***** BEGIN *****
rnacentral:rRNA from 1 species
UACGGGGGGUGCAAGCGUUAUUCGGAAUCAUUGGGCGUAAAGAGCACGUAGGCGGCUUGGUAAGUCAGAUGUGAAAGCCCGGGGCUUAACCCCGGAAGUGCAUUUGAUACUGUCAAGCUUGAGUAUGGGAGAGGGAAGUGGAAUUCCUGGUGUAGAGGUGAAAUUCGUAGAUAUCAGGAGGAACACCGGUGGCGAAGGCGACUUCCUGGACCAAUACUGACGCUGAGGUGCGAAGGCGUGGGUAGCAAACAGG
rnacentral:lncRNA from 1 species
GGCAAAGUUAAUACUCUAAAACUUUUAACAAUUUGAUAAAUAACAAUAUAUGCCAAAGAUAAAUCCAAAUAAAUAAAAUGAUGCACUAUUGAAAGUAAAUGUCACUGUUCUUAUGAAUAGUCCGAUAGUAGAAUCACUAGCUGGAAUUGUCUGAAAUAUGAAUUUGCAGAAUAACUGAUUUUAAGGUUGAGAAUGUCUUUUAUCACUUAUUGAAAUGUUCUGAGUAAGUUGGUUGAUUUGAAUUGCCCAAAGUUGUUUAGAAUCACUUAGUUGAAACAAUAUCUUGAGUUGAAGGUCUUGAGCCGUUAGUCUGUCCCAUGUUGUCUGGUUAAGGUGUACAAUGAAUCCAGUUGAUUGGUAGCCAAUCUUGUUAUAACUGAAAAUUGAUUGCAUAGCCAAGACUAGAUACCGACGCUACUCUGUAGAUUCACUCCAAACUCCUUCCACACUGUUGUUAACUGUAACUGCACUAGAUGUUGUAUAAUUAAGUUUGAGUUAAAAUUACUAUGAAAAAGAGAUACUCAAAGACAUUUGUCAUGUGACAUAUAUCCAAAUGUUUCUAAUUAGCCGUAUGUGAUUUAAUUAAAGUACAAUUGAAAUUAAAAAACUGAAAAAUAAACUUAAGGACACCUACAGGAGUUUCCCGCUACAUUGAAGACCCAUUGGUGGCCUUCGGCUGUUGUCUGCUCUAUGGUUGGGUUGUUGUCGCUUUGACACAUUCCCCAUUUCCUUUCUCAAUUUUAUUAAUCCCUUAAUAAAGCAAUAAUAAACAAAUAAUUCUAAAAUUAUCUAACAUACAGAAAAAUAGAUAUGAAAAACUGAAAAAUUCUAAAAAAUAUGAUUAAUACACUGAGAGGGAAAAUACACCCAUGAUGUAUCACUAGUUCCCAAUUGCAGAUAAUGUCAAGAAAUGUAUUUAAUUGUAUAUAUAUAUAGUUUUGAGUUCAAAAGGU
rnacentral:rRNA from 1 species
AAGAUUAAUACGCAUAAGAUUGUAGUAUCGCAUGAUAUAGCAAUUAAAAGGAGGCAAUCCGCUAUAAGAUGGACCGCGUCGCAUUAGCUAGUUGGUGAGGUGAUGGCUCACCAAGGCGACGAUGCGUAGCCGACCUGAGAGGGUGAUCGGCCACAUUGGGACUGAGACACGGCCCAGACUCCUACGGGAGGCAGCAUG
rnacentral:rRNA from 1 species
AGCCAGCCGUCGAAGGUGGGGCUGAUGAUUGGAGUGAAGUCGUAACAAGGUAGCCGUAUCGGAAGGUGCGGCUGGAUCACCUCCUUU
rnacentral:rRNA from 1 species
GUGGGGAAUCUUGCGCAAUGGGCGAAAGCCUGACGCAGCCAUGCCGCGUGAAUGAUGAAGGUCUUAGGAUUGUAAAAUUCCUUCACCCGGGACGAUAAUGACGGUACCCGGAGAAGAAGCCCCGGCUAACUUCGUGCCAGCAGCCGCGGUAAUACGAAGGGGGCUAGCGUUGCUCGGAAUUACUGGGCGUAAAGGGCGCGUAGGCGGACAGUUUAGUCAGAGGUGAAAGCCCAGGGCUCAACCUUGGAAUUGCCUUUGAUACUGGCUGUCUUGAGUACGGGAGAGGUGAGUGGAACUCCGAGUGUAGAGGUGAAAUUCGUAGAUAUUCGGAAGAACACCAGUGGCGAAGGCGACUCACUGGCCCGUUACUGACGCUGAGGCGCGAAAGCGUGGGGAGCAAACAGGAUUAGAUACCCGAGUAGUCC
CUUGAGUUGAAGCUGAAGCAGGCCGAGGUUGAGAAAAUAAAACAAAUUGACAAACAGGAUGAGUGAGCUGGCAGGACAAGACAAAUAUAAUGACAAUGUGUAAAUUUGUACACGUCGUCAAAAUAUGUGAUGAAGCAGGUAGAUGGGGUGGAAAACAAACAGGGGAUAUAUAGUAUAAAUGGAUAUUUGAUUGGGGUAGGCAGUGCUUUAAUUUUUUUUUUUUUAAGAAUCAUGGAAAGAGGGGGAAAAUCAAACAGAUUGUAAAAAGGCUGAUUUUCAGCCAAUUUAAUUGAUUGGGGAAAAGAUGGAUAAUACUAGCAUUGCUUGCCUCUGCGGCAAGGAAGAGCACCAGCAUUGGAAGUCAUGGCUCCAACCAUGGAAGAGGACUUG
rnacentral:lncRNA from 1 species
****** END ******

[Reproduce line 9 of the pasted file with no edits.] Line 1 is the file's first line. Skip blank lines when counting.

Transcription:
rnacentral:rRNA from 1 species